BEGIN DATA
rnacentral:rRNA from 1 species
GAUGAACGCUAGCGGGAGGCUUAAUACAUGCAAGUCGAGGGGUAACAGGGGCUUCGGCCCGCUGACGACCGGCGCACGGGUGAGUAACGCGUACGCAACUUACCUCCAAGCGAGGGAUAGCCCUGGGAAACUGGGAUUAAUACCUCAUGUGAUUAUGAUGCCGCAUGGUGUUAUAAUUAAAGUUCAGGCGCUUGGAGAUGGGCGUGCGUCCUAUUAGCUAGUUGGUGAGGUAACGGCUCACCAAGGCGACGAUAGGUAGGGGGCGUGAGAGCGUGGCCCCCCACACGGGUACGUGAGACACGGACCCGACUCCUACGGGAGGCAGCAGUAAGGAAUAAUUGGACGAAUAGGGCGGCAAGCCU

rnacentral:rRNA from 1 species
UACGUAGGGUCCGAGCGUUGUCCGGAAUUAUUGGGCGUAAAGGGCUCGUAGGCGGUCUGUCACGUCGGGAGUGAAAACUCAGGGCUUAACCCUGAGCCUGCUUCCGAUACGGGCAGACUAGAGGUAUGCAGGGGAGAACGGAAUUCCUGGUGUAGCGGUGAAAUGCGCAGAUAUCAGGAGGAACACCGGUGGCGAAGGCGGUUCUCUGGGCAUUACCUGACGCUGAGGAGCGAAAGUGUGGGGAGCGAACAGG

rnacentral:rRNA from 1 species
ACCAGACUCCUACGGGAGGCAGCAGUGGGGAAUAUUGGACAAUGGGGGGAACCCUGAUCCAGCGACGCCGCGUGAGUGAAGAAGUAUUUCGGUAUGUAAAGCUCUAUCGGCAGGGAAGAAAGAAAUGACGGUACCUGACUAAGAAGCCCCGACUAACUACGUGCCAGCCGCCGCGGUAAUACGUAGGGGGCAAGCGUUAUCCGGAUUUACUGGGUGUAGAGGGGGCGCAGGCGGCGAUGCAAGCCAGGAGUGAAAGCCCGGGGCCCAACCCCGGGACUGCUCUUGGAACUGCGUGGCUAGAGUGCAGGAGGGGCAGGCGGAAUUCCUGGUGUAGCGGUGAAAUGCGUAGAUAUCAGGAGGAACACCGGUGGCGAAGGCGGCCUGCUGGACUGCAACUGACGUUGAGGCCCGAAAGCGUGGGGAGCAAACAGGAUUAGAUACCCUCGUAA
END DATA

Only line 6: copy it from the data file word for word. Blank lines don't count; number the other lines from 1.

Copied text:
ACCAGACUCCUACGGGAGGCAGCAGUGGGGAAUAUUGGACAAUGGGGGGAACCCUGAUCCAGCGACGCCGCGUGAGUGAAGAAGUAUUUCGGUAUGUAAAGCUCUAUCGGCAGGGAAGAAAGAAAUGACGGUACCUGACUAAGAAGCCCCGACUAACUACGUGCCAGCCGCCGCGGUAAUACGUAGGGGGCAAGCGUUAUCCGGAUUUACUGGGUGUAGAGGGGGCGCAGGCGGCGAUGCAAGCCAGGAGUGAAAGCCCGGGGCCCAACCCCGGGACUGCUCUUGGAACUGCGUGGCUAGAGUGCAGGAGGGGCAGGCGGAAUUCCUGGUGUAGCGGUGAAAUGCGUAGAUAUCAGGAGGAACACCGGUGGCGAAGGCGGCCUGCUGGACUGCAACUGACGUUGAGGCCCGAAAGCGUGGGGAGCAAACAGGAUUAGAUACCCUCGUAA